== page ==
In Brazil, host of the next Olympics, there is already difficult internal critique (for which we have seen a promo in the violent demonstrations before and during the World Cup) against the Games, and as part of them – the security budget, as a wasteful element that requires huge investment of money, while the economy struggles and as the prices for public services rise. Even when considering the relevant threats – and there are a few – you cannot dismiss the claims regarding the need for proper prioritization of resources and proper construction of the security force for the events. It is likely that a terrorist threat from the Global Jihad inspired by ISIS is a high priority for those responsible for the security of the Olympics in Brazil, although, to date, there are no signs of ISIS activity in the continent since Latin America is considered a traditional bastion of Shia (as Hezbollah and Co.) and not Sunni Salafism.
Having said that, there is no doubt that this threat should be treated, as well as other threats at hand. With all of the above, a cost-benefit equation depends on quality; hence, the huge resources investment in security is not necessarily a recipe for efficient and effective security. The distribution of the security budget components is not generally published, but there is no doubt that a large portion of the expenses is related to the national security system, which is usually operated by branches of the military (air, navy and land) and the various intelligence services. This inevitably leaves a smaller share of the budget for achieving a high level of security surrounding the event itself, the Olympic Village, the delegations and so on.
Asserted from the above, a prioritizing process is required in the creation of a professional security system that will enable high level of security over time – even in the Olympics, that lasts a relatively short period of time, there is a need to cope and prevent "operational readiness decrease/voltage drop" among the employees involved – in order to meet the different threats.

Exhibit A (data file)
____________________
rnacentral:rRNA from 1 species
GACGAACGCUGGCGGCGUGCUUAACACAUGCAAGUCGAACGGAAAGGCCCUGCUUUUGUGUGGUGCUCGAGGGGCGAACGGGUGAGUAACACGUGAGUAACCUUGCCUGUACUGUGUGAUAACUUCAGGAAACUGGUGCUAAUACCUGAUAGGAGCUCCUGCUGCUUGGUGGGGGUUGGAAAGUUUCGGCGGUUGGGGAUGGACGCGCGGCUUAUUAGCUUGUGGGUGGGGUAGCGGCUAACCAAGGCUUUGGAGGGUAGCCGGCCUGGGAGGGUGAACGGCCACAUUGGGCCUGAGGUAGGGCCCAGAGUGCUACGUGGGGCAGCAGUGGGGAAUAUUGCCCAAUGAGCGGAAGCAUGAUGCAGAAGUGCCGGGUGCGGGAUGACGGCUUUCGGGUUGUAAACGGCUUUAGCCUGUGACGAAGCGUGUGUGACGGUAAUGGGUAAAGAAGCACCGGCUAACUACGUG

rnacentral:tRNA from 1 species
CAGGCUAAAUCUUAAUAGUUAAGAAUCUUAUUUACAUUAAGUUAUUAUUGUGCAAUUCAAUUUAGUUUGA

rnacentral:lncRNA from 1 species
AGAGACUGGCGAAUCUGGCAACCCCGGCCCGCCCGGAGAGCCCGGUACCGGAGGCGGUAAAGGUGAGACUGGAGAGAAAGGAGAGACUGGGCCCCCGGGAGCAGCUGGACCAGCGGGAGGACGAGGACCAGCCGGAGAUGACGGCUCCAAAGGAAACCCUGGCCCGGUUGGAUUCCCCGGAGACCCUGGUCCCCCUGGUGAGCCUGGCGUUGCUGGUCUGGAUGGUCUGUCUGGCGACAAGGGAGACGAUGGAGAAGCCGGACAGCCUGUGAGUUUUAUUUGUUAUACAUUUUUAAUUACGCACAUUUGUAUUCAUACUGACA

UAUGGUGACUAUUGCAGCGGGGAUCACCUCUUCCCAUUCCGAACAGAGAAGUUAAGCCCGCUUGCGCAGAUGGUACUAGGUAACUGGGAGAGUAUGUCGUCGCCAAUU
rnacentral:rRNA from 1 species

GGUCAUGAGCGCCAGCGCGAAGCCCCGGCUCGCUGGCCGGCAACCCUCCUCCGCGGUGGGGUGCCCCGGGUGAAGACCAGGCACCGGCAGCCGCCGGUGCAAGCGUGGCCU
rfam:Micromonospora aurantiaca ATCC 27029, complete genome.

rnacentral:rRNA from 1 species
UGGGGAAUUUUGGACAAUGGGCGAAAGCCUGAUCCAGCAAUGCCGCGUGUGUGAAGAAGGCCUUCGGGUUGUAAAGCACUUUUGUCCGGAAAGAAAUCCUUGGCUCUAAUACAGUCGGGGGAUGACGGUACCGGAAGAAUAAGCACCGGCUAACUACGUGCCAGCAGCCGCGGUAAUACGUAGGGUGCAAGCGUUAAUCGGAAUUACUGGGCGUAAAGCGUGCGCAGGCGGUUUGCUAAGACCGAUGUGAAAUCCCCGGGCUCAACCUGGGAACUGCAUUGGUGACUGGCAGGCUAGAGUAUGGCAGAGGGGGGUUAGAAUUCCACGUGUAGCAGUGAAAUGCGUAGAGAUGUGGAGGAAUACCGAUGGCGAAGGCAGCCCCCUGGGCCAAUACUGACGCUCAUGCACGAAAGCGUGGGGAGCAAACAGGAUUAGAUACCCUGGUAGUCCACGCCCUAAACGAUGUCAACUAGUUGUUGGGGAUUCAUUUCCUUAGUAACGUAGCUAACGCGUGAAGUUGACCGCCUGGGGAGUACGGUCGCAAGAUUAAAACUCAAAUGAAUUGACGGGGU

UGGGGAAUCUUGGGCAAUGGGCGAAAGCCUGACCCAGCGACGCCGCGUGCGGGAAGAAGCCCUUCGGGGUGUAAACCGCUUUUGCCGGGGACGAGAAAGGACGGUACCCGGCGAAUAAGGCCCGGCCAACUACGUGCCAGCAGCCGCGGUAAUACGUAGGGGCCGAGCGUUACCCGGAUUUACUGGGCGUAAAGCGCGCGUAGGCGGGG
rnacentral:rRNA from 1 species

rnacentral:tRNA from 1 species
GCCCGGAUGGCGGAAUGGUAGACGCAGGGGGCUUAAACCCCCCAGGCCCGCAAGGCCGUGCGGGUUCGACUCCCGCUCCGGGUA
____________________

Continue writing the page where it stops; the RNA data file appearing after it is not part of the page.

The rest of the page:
The 1996 Atlanta Olympics bombing, illustrates how critical are the preliminary steps for setting the appropriate security system, the vocational training, the procedures for dealing with emergencies, and practicing for vigilance conservation over time. Noon on the ninth day of games, despite an anonymous phone call was received at the police 25 minutes before the explosion at the Olympic Park; the audience was not evacuated. Moreover, even when the explosive device was discovered by chance by a security guard (which later was suspected – wrongly – in planting the bomb), the response was delayed and eventually the device exploded in crowded areas, killing two people and wounding another 116. A review of the Olympics security systems in recent years shows the notable fact that the security layouts are technology-intensive. It is not always the appropriate technology to deal with the relevant threats and various cases the selected technologies caused clumsiness and operational difficulties.
There is no doubt that there is an advantage in combining smart technologies, especially those that allow rapid detection and identification that support decision-making, but it is important to carefully avoid making the technology everything. Due to lack of space, this article did not address the complex components of response and deployment of the security system, which is based on intelligence and activities of warnings, deterrence and prevention, which surely must be an integral part of the security circles. An effective security must be proactive, while initiating actions in order to deal with future threats. Ultimately, security is expensive. The fact that policy makers and decision makers are willing to accept such high costs indicates the depth of understanding of the unbearable cost, not just in aspects of money, of lack of security or a serious security failure.
Against this background, the importance of the selection of the best personnel and its optimal training is reinforced, since ultimately, the human factor is key to success
The writer is a former head of division in the ISA and currently Senior Vice President, Homeland Security, at Maydex AG, specializing in critical infrastructures security.